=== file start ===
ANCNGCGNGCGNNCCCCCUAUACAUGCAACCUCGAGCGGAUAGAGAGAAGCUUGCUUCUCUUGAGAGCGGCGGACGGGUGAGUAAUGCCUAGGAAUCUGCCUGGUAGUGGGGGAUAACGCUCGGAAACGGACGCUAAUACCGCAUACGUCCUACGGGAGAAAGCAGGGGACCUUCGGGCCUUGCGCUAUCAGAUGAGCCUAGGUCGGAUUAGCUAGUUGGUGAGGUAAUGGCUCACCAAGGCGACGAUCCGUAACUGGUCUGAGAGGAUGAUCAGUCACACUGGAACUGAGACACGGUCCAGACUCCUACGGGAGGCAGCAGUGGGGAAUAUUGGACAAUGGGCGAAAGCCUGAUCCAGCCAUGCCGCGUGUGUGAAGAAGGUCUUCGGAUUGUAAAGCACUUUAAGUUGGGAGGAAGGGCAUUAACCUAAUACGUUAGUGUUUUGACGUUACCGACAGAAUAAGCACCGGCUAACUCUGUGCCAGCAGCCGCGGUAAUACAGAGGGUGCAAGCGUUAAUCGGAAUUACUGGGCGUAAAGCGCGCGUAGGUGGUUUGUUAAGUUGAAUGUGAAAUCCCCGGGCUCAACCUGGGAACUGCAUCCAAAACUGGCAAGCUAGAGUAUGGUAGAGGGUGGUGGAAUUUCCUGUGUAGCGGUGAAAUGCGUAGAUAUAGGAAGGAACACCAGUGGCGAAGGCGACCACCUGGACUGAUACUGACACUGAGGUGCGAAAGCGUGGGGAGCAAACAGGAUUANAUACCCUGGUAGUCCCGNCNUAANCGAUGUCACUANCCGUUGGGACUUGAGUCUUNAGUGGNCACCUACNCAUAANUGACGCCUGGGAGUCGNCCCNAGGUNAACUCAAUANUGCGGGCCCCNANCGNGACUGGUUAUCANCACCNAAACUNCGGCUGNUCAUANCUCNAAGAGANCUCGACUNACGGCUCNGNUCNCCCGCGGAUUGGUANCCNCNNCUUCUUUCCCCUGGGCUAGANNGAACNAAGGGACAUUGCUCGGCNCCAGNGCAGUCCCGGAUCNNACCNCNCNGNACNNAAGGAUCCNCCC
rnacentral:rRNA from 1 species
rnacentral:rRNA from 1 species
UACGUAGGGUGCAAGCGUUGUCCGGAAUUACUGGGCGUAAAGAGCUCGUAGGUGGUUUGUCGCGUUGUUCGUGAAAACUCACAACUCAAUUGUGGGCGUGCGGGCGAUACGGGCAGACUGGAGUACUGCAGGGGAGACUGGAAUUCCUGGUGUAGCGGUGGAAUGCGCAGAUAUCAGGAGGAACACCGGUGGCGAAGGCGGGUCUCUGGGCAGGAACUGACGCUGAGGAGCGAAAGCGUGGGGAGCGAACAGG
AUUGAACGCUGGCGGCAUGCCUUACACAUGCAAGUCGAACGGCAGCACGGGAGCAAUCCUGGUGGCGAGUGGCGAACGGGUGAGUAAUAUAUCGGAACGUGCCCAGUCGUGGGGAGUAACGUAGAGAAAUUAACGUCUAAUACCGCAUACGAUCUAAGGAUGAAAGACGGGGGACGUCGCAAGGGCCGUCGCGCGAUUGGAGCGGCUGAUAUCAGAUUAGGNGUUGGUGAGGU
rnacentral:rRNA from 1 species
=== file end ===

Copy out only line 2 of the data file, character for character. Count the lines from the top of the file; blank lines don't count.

rnacentral:rRNA from 1 species